Chopped fresh parsley, optional
1. Place whole potatoes (do not poke) into microwave-safe dish.
2. Cover dish. (If covering dish with plastic wrap, poke small hole in plastic).
3. Microwave on high for 10 to 12 minutes depending on strength of microwave.
4. Use oven mitts or a towel to remove dish from microwave; carefully remove cover from dish due to steam build-up and let cool.
5. Cut potatoes into bite-size pieces and place in a large bowl with remaining ingredients; stir well to mix.
CHEF’S NOTES • This salad may be served right away, but is best if refrigerated for at least one hour to allow flavors to blend.
March 3, 2017
Spring is just around and the corner, making March the perfect time of year to refocus on eating right, getting healthy, and chasing away those winter blues. We know how hard it can be to balance work with all the demands of your life and still stay focused on your nutrition, but eating healthier foods doesn’t have to be a chore. Throughout the month, we’ll be sharing tips with you to make it easier to stay excited and engaged, and help get you on track to a better you and a better life.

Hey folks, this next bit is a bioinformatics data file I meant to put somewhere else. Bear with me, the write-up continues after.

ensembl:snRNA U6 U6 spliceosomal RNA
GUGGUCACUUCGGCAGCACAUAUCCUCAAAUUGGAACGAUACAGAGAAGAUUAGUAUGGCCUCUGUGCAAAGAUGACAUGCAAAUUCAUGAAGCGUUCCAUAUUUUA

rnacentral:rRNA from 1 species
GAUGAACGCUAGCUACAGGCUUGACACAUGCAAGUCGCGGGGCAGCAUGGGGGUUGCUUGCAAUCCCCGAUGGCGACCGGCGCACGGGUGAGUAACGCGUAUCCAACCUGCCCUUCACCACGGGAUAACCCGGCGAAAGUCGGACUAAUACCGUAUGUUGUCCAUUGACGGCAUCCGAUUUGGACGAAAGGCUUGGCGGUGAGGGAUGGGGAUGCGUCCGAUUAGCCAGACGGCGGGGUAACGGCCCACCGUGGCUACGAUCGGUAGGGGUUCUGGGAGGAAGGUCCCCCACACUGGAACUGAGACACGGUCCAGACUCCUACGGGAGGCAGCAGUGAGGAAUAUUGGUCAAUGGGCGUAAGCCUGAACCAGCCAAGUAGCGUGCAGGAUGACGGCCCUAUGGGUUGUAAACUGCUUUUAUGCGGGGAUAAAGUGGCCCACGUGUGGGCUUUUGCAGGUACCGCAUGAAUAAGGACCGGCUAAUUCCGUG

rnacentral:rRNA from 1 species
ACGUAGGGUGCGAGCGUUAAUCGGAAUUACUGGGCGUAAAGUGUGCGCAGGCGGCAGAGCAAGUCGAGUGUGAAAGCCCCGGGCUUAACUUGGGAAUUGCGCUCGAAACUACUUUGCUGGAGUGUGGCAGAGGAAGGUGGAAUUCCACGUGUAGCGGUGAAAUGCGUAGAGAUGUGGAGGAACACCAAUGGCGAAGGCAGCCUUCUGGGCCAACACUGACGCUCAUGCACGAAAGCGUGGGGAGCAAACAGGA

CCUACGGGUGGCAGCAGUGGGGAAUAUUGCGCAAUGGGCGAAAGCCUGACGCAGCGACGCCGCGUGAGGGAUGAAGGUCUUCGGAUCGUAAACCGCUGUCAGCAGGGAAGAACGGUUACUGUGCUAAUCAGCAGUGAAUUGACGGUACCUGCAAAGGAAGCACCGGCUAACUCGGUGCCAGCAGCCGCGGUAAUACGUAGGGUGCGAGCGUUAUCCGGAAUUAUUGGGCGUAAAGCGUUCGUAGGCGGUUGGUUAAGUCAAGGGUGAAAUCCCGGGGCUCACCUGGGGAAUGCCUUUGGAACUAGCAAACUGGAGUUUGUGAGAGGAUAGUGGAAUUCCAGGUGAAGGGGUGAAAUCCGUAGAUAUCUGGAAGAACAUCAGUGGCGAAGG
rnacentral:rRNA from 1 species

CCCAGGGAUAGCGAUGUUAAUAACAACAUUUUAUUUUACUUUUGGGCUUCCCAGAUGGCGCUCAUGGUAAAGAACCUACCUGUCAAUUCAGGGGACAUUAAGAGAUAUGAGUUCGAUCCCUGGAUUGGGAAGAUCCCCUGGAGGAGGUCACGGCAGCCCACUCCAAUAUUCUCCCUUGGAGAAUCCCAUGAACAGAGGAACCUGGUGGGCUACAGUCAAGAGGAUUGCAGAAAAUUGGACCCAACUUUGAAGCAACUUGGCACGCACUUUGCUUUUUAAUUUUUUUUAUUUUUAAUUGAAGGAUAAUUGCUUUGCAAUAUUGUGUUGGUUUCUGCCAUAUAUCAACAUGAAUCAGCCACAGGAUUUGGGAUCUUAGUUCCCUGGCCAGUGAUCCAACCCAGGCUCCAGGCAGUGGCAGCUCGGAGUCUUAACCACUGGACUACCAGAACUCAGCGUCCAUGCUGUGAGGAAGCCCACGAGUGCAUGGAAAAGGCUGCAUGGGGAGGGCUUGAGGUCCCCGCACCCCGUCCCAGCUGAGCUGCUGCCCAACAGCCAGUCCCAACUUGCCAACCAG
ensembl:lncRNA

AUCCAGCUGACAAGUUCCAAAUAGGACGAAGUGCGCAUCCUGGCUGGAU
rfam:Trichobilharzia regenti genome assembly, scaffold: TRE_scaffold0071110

Food, Nutrition and Health Tips from the Academy of Nutrition and Dietetics:
Plan what you’re going to eat
Before you head for the grocery store, plan your meals and snacks for the week. Review recipes for what ingredients are needed. Check to see what foods you already have and make a list of what you need to buy. If you are having trouble coming up with ideas, try checking what’s on sale in the produce and meat departments and look up recipes that feature those ingredients.
When you shop with a list, you will be less likely to buy extra items that are not on it.
Decide how much to make
Making a large batch by doubling a recipe is an easy way to save time in the kitchen and try to stretch your budget even further. Extra portions can be used for lunches or meals later in the week, or freeze leftovers in individual containers for future use on nights when you don’t have time to cook. Plus buying larger quantities of each ingredient can help you save money by taking advantage of cheaper bulk prices.
Shop for foods that are in season